I would suggest that the first missing element is his love affair with Maud Gonne. If he hadn’t met her in London in 1889, if she hadn’t refused him (repeatedly) and married John MacBride in 1903, if she hadn’t existed, Yeats would have had to invent her. In a sense, that’s what he did in his first play. He invented a doomed love that cannot be fulfilled except in death. Those later, spooky poems about her death while she was still alive have power because they’re about something real. They’re not literary tropes that he borrowed from books.
The second experience that changed him was theater. Very often, those who love Yeats’s poetry tend to tolerate his work in theater—as if, well, he had to be doing something when he wasn’t writing poems. Reading Love and Death is a reminder that the experience of theater, of forming language to hold its own on the stage, changed Yeats as a poet. You can see in Love and Death, in which he’s trying to write for the theater and can’t, how much this inability imprisons his poetry. If Lady Gregory—cofounder of the Abbey Theatre, transcriber of Irish legends—hadn’t urged Yeats into theater, compelling him to write language that functioned, Yeats might have become no more than the minor pre-Raphaelite he once seemed destined to be.
The third absence in Love and Death is perhaps the most crucial of all: It is Ireland. The only Irish stamp on the manuscript of this play is the name and mark of the stationer on the inside cover of the notebooks (“W. Carson, 51 Grafton St., corner of Stephen’s Green, Dublin”). The play’s literary influences and cadences are in the English tradition. Not that Yeats didn’t know he was Irish; but he didn’t know he was Irish as a poet.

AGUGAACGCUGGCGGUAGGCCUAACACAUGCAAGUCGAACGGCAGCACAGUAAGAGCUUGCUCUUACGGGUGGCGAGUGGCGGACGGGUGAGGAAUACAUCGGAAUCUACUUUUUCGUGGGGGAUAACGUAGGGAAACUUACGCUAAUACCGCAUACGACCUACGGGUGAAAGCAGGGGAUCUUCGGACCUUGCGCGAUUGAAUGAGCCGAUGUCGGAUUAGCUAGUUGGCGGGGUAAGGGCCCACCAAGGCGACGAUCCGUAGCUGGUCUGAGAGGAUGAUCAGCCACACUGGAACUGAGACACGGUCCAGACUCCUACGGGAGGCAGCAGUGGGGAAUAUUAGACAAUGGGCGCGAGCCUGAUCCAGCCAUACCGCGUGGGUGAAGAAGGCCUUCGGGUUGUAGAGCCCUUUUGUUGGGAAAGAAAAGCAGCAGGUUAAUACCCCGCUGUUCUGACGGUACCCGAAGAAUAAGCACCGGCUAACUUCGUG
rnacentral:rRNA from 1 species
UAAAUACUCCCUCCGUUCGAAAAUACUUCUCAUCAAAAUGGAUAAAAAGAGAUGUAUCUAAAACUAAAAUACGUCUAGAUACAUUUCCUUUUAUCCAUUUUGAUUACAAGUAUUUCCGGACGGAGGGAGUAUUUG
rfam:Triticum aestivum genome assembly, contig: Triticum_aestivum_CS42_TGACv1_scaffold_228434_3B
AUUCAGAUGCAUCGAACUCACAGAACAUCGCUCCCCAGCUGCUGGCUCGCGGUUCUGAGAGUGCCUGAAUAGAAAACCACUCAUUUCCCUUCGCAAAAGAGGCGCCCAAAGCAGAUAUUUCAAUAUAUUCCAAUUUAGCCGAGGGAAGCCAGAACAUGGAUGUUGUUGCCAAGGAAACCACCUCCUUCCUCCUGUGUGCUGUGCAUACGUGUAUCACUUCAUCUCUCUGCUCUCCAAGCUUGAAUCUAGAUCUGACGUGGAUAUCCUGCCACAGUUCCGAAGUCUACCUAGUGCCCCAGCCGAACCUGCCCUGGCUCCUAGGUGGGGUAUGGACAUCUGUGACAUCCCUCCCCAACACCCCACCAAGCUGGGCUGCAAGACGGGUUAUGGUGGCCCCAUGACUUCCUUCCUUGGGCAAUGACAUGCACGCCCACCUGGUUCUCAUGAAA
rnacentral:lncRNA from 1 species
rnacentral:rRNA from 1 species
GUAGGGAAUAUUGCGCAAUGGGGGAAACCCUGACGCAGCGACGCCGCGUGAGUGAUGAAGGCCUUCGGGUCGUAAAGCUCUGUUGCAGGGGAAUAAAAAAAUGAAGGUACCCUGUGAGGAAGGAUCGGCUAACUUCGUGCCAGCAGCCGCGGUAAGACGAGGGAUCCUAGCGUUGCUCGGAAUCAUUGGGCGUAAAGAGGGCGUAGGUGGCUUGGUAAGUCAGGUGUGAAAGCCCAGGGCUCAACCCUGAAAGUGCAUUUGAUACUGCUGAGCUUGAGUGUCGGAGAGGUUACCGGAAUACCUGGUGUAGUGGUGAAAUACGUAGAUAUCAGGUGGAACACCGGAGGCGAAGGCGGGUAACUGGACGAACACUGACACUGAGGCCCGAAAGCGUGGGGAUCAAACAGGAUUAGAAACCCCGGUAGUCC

In Love and Death, the teenage Yeats is desperately trying to write poetry that has mythic lift. But he hasn’t yet identified a way that doesn’t sound derivative, fey, and artificial. He hasn’t discovered the mythic Iron Age Irish hero Cuchulain, who will provide him with an endless source of dramatic narrative and poetic imagery. He hasn’t embraced the Irish mythology that will boost his aesthetic yearnings up onto the high wire, making them dangerous, making them political, and drawing resonance from their place in a revolutionary cultural movement. The question he would ask after the 1916 Rising—”What stalked through the Post Office?” (the answer being the spirit of Cuchulain)— has not yet occurred to him.
With the shift from Ginevra to Cuchulain, Yeats will go from staking nothing on his poems to staking everything. And that will do wonders for his imagination and his language.
I’ve long understood that Yeats, the later Yeats, did an enormous amount for Ireland, and brought honor to our country. Reading Love and Death, I’m reminded that Ireland did quite a lot for Yeats, too.
Fintan O’Toole is a columnist and theater and literary critic for the Irish Times. His books include Ship of Fools: How Stupidity and Corruption Sank the Celtic Tiger (2009) and Shakespeare Is Hard but So Is Life: A Radical Guide to Shakespearean Tragedy (2002). His essay here is drawn from a talk he gave in the Burns Library on April 23, “Yeats’s Love and Death: A Writer’s Beginning.”